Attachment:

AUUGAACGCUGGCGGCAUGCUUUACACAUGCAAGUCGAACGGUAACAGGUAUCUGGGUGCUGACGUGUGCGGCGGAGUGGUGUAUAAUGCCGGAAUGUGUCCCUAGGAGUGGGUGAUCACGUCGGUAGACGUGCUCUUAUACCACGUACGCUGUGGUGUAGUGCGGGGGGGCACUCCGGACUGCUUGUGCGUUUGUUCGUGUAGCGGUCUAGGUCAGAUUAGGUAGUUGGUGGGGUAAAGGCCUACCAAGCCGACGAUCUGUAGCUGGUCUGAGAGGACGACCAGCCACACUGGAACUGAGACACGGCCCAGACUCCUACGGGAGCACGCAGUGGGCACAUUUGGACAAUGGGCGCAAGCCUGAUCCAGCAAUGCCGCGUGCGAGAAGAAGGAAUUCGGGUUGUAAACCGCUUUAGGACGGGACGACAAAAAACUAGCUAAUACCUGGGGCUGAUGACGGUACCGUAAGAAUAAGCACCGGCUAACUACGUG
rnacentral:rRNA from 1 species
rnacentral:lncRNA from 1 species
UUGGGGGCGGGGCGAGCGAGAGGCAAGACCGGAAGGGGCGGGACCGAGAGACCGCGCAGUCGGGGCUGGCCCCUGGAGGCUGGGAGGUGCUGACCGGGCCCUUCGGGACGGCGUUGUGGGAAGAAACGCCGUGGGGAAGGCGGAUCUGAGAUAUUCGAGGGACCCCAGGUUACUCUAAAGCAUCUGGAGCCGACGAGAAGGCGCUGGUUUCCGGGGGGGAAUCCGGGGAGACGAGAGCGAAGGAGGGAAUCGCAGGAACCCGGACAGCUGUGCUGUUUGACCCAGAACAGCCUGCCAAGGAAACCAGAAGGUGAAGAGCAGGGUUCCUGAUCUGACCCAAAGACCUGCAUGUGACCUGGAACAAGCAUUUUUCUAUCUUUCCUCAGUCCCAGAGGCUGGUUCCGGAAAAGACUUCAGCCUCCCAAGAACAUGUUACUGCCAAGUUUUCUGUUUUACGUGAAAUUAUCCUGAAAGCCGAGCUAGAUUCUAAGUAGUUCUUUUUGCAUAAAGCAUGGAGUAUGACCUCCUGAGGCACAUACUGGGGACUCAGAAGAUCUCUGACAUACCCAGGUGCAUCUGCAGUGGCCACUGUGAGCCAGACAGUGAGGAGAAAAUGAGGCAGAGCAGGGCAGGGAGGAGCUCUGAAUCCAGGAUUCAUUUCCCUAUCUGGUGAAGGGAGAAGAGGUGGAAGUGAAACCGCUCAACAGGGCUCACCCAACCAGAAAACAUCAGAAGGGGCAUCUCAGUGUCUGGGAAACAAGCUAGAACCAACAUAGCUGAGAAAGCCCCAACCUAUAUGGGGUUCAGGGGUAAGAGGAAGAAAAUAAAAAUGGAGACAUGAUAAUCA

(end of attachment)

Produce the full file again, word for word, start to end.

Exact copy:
AUUGAACGCUGGCGGCAUGCUUUACACAUGCAAGUCGAACGGUAACAGGUAUCUGGGUGCUGACGUGUGCGGCGGAGUGGUGUAUAAUGCCGGAAUGUGUCCCUAGGAGUGGGUGAUCACGUCGGUAGACGUGCUCUUAUACCACGUACGCUGUGGUGUAGUGCGGGGGGGCACUCCGGACUGCUUGUGCGUUUGUUCGUGUAGCGGUCUAGGUCAGAUUAGGUAGUUGGUGGGGUAAAGGCCUACCAAGCCGACGAUCUGUAGCUGGUCUGAGAGGACGACCAGCCACACUGGAACUGAGACACGGCCCAGACUCCUACGGGAGCACGCAGUGGGCACAUUUGGACAAUGGGCGCAAGCCUGAUCCAGCAAUGCCGCGUGCGAGAAGAAGGAAUUCGGGUUGUAAACCGCUUUAGGACGGGACGACAAAAAACUAGCUAAUACCUGGGGCUGAUGACGGUACCGUAAGAAUAAGCACCGGCUAACUACGUG
rnacentral:rRNA from 1 species
rnacentral:lncRNA from 1 species
UUGGGGGCGGGGCGAGCGAGAGGCAAGACCGGAAGGGGCGGGACCGAGAGACCGCGCAGUCGGGGCUGGCCCCUGGAGGCUGGGAGGUGCUGACCGGGCCCUUCGGGACGGCGUUGUGGGAAGAAACGCCGUGGGGAAGGCGGAUCUGAGAUAUUCGAGGGACCCCAGGUUACUCUAAAGCAUCUGGAGCCGACGAGAAGGCGCUGGUUUCCGGGGGGGAAUCCGGGGAGACGAGAGCGAAGGAGGGAAUCGCAGGAACCCGGACAGCUGUGCUGUUUGACCCAGAACAGCCUGCCAAGGAAACCAGAAGGUGAAGAGCAGGGUUCCUGAUCUGACCCAAAGACCUGCAUGUGACCUGGAACAAGCAUUUUUCUAUCUUUCCUCAGUCCCAGAGGCUGGUUCCGGAAAAGACUUCAGCCUCCCAAGAACAUGUUACUGCCAAGUUUUCUGUUUUACGUGAAAUUAUCCUGAAAGCCGAGCUAGAUUCUAAGUAGUUCUUUUUGCAUAAAGCAUGGAGUAUGACCUCCUGAGGCACAUACUGGGGACUCAGAAGAUCUCUGACAUACCCAGGUGCAUCUGCAGUGGCCACUGUGAGCCAGACAGUGAGGAGAAAAUGAGGCAGAGCAGGGCAGGGAGGAGCUCUGAAUCCAGGAUUCAUUUCCCUAUCUGGUGAAGGGAGAAGAGGUGGAAGUGAAACCGCUCAACAGGGCUCACCCAACCAGAAAACAUCAGAAGGGGCAUCUCAGUGUCUGGGAAACAAGCUAGAACCAACAUAGCUGAGAAAGCCCCAACCUAUAUGGGGUUCAGGGGUAAGAGGAAGAAAAUAAAAAUGGAGACAUGAUAAUCA